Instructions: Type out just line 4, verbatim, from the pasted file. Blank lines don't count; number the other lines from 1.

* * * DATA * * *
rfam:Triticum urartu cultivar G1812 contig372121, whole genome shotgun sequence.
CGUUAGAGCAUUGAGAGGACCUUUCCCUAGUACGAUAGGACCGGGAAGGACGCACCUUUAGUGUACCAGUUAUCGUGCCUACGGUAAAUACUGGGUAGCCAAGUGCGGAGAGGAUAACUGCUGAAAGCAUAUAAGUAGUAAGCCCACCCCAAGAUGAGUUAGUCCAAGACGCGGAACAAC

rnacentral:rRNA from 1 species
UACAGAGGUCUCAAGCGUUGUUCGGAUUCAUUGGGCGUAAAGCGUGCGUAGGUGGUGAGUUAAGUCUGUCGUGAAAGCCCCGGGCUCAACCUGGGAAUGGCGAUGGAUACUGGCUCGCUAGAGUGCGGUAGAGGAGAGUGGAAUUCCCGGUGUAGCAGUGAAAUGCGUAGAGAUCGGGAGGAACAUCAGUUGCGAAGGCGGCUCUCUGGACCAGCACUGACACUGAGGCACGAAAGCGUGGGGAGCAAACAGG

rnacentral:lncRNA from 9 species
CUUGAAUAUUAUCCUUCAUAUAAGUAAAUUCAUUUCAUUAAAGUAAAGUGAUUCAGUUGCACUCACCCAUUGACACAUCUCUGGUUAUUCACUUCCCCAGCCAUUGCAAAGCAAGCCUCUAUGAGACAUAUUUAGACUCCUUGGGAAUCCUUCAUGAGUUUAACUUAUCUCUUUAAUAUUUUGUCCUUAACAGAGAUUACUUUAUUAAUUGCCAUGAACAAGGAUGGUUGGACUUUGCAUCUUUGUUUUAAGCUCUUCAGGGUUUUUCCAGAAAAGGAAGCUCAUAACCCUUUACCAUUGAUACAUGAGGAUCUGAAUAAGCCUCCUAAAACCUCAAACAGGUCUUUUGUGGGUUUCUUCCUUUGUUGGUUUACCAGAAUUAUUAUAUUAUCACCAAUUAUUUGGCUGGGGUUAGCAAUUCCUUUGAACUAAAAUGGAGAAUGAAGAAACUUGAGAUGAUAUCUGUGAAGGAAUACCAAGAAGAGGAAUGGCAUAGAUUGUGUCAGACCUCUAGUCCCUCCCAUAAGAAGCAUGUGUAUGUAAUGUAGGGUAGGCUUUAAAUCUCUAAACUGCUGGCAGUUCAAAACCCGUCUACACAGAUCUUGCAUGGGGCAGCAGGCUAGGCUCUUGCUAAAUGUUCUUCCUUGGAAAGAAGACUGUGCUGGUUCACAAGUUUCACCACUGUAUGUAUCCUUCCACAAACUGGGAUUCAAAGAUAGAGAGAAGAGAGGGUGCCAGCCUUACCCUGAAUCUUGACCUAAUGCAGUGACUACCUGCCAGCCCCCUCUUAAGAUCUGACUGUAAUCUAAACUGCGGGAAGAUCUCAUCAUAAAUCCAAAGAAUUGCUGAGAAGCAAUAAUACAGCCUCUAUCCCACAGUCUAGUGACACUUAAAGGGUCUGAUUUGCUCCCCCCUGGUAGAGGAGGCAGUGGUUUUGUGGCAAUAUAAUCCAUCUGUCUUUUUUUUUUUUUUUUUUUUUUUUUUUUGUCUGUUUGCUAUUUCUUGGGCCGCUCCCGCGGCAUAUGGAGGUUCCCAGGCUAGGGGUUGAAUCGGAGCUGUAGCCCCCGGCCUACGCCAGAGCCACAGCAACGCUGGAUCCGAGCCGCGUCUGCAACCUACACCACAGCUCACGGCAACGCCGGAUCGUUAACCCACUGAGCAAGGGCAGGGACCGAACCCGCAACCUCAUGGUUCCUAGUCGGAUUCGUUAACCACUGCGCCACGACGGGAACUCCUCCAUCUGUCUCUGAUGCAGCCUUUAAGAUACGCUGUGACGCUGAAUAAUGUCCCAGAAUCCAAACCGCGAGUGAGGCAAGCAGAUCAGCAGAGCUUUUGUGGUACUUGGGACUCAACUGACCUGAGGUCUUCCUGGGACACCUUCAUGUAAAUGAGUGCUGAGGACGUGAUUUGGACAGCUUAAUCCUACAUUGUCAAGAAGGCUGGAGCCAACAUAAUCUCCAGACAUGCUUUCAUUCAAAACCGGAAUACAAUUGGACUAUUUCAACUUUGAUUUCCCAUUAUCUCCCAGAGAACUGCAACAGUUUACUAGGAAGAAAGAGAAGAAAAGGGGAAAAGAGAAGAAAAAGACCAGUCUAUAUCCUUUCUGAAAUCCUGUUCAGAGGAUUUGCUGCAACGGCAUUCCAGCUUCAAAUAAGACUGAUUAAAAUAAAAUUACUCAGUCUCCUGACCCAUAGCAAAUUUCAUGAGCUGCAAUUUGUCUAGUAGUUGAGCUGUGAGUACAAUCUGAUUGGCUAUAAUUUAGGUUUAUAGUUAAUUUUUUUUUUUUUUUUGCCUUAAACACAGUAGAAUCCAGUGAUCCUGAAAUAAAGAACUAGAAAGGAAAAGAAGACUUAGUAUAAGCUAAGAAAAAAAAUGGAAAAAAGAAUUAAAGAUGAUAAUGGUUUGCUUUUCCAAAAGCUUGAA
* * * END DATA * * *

UACAGAGGUCUCAAGCGUUGUUCGGAUUCAUUGGGCGUAAAGCGUGCGUAGGUGGUGAGUUAAGUCUGUCGUGAAAGCCCCGGGCUCAACCUGGGAAUGGCGAUGGAUACUGGCUCGCUAGAGUGCGGUAGAGGAGAGUGGAAUUCCCGGUGUAGCAGUGAAAUGCGUAGAGAUCGGGAGGAACAUCAGUUGCGAAGGCGGCUCUCUGGACCAGCACUGACACUGAGGCACGAAAGCGUGGGGAGCAAACAGG